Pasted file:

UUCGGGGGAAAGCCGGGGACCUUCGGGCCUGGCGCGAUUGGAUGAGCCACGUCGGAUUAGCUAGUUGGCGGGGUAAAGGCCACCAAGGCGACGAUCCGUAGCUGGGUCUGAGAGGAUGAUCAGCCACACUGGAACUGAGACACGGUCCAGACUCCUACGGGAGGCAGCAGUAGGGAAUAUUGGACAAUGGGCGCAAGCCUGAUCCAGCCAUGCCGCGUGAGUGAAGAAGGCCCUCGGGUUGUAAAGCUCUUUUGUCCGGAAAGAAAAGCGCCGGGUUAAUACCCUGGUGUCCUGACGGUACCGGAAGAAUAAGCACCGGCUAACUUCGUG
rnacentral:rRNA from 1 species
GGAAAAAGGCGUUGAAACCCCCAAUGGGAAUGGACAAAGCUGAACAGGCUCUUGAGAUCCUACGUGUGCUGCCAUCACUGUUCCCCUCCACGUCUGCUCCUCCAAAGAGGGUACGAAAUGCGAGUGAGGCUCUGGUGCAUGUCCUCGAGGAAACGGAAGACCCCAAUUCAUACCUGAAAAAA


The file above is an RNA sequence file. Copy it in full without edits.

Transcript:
UUCGGGGGAAAGCCGGGGACCUUCGGGCCUGGCGCGAUUGGAUGAGCCACGUCGGAUUAGCUAGUUGGCGGGGUAAAGGCCACCAAGGCGACGAUCCGUAGCUGGGUCUGAGAGGAUGAUCAGCCACACUGGAACUGAGACACGGUCCAGACUCCUACGGGAGGCAGCAGUAGGGAAUAUUGGACAAUGGGCGCAAGCCUGAUCCAGCCAUGCCGCGUGAGUGAAGAAGGCCCUCGGGUUGUAAAGCUCUUUUGUCCGGAAAGAAAAGCGCCGGGUUAAUACCCUGGUGUCCUGACGGUACCGGAAGAAUAAGCACCGGCUAACUUCGUG
rnacentral:rRNA from 1 species
GGAAAAAGGCGUUGAAACCCCCAAUGGGAAUGGACAAAGCUGAACAGGCUCUUGAGAUCCUACGUGUGCUGCCAUCACUGUUCCCCUCCACGUCUGCUCCUCCAAAGAGGGUACGAAAUGCGAGUGAGGCUCUGGUGCAUGUCCUCGAGGAAACGGAAGACCCCAAUUCAUACCUGAAAAAA